Background: The prevalence of obesity is rising globally among children and adults. Obesity accounts for significant morbidity, mortality and complicates chronic health conditions such as hypertension, several types of cancers and liver disease. Adipose accumulation is a reliable indicator of obesity. One approach to reducing adipose accumulation is lipase inhibition in the form of medication (Orlistat). However, the use of this drug is associated with adverse gastrointestinal side effects. There is evidence that brown seaweed and its extracted alginic acid and its salts can inhibit lipase. Thus, these could be explored as suitable options for obesity prevention.
Objective: The purpose of this study was to examine if the addition of alginate in pork sausage affected the acceptability and palatability. The second aim was to determine whether eating alginate pork sausage as a part of daily food contribute to GI well-being.
Design: A total of 35 participants (18 male and 17 female between 18 and 64 years of age), generally healthy without any chronic health conditions, non-smoker included a novel alginate sausage into their normal diet had completed the study. These participants kept a food diary and completed a GI well-being questionnaire at the end of each day and once at the end of each study week during four weeks of the study. They consumed their normal diet in the first and third week and ate both control and alginate sausages in the second and fourth week. The first type of sausage was separated by a 1 week washout period.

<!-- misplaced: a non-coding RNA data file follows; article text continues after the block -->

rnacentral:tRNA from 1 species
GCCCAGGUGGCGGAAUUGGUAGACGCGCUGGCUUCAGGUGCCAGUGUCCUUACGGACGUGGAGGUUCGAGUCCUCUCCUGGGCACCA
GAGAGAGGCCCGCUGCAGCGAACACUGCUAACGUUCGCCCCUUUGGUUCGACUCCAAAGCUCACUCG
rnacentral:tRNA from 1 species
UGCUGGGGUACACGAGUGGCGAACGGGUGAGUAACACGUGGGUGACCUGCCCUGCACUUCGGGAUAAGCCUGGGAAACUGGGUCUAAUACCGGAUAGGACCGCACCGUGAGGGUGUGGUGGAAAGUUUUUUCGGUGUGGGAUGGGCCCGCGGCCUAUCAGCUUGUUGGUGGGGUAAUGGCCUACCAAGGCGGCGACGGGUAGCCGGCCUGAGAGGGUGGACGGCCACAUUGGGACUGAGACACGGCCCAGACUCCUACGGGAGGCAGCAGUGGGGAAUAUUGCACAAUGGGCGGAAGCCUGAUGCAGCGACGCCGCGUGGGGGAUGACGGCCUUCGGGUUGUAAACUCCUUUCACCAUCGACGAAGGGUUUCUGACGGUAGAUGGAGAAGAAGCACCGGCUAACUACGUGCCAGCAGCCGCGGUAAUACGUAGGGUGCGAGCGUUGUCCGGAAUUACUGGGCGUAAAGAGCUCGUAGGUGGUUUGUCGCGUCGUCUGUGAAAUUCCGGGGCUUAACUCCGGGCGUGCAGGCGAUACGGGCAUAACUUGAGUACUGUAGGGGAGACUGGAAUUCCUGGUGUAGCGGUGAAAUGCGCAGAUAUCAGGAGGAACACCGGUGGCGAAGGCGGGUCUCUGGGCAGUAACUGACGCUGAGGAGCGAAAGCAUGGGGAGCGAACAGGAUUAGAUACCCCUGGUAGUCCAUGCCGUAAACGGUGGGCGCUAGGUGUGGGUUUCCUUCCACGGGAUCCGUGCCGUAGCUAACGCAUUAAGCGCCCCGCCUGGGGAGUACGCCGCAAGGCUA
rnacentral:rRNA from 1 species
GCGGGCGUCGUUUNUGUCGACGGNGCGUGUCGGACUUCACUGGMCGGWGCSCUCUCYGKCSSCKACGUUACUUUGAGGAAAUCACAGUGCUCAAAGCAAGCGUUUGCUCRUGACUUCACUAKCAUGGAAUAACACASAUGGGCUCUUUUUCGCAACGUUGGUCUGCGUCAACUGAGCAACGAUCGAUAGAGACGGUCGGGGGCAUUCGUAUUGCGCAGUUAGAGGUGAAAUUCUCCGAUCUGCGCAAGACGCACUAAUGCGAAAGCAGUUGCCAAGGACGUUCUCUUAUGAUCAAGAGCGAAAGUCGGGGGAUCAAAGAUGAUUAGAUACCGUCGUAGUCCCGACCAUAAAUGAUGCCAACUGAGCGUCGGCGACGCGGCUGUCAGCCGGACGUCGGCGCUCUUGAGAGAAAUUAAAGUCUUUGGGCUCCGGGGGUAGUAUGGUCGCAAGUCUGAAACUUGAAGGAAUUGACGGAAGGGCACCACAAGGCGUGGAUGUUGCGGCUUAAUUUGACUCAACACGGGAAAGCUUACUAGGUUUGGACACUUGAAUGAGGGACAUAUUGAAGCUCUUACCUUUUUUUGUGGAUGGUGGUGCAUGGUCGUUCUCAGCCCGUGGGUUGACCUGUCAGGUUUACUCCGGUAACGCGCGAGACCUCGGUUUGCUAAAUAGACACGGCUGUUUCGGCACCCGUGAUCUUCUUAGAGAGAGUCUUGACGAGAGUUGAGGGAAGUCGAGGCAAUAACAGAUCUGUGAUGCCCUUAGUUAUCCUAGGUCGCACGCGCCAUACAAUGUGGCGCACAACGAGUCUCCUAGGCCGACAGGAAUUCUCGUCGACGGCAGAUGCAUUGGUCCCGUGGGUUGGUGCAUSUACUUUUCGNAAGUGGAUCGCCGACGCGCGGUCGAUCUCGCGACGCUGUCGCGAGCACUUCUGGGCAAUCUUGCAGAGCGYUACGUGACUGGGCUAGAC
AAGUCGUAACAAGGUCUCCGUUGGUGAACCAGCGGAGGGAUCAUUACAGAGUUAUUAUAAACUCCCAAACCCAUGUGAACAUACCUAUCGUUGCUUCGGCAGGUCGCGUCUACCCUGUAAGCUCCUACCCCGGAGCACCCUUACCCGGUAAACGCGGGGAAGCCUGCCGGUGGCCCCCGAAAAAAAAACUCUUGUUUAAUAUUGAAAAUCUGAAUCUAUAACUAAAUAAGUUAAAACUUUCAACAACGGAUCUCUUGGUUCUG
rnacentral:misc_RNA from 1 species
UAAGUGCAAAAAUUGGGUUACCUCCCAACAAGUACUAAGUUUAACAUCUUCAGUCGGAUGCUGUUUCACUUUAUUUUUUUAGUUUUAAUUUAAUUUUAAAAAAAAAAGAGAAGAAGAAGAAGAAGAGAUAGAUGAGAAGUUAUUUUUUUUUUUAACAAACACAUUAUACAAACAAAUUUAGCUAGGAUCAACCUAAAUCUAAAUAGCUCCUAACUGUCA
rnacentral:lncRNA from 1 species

Results: We demonstrated that alginate pork sausage had no adverse well-being symptoms on the participants. There was no significant correlation between consumption of alginate complemented pork sausage or control pork sausage on the daily average amount of nutrients consumed in calories, fat, fibre, protein, carbohydrate, sodium and sugar. Thus indicating acceptability of alginate pork sausage.
Conclusion: It is clear that both alginate and control pork sausages had no impact on the health of gastrointestinal well-being.
Keywords: Obesity, gastrointestinal (GI), alginate, pancreatic lipase.
12 Sep 2019 - 13 Sep 2019